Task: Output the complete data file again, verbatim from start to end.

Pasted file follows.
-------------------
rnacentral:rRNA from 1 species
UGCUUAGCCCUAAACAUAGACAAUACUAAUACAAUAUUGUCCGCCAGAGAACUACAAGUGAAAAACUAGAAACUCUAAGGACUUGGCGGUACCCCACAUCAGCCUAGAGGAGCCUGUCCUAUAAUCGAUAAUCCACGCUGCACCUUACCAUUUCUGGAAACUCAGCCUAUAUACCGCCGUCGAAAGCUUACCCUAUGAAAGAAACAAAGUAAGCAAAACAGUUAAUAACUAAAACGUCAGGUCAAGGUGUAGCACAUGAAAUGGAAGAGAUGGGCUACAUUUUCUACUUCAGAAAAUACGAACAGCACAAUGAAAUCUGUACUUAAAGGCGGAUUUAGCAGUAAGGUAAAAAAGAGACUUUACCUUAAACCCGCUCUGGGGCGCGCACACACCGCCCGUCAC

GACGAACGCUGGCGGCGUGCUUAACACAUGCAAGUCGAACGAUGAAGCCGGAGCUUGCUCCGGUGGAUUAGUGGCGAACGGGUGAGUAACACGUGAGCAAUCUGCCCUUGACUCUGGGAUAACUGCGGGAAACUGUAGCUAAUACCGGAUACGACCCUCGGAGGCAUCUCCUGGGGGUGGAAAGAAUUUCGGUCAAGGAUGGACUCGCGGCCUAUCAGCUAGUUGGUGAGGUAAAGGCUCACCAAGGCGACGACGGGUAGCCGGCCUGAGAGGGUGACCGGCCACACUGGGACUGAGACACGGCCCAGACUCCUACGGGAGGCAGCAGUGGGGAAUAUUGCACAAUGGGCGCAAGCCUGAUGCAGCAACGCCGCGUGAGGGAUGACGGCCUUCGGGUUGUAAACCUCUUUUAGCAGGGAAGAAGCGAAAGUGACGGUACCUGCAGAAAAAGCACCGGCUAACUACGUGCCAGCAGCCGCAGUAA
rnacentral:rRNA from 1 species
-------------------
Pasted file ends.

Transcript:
rnacentral:rRNA from 1 species
UGCUUAGCCCUAAACAUAGACAAUACUAAUACAAUAUUGUCCGCCAGAGAACUACAAGUGAAAAACUAGAAACUCUAAGGACUUGGCGGUACCCCACAUCAGCCUAGAGGAGCCUGUCCUAUAAUCGAUAAUCCACGCUGCACCUUACCAUUUCUGGAAACUCAGCCUAUAUACCGCCGUCGAAAGCUUACCCUAUGAAAGAAACAAAGUAAGCAAAACAGUUAAUAACUAAAACGUCAGGUCAAGGUGUAGCACAUGAAAUGGAAGAGAUGGGCUACAUUUUCUACUUCAGAAAAUACGAACAGCACAAUGAAAUCUGUACUUAAAGGCGGAUUUAGCAGUAAGGUAAAAAAGAGACUUUACCUUAAACCCGCUCUGGGGCGCGCACACACCGCCCGUCAC

GACGAACGCUGGCGGCGUGCUUAACACAUGCAAGUCGAACGAUGAAGCCGGAGCUUGCUCCGGUGGAUUAGUGGCGAACGGGUGAGUAACACGUGAGCAAUCUGCCCUUGACUCUGGGAUAACUGCGGGAAACUGUAGCUAAUACCGGAUACGACCCUCGGAGGCAUCUCCUGGGGGUGGAAAGAAUUUCGGUCAAGGAUGGACUCGCGGCCUAUCAGCUAGUUGGUGAGGUAAAGGCUCACCAAGGCGACGACGGGUAGCCGGCCUGAGAGGGUGACCGGCCACACUGGGACUGAGACACGGCCCAGACUCCUACGGGAGGCAGCAGUGGGGAAUAUUGCACAAUGGGCGCAAGCCUGAUGCAGCAACGCCGCGUGAGGGAUGACGGCCUUCGGGUUGUAAACCUCUUUUAGCAGGGAAGAAGCGAAAGUGACGGUACCUGCAGAAAAAGCACCGGCUAACUACGUGCCAGCAGCCGCAGUAA
rnacentral:rRNA from 1 species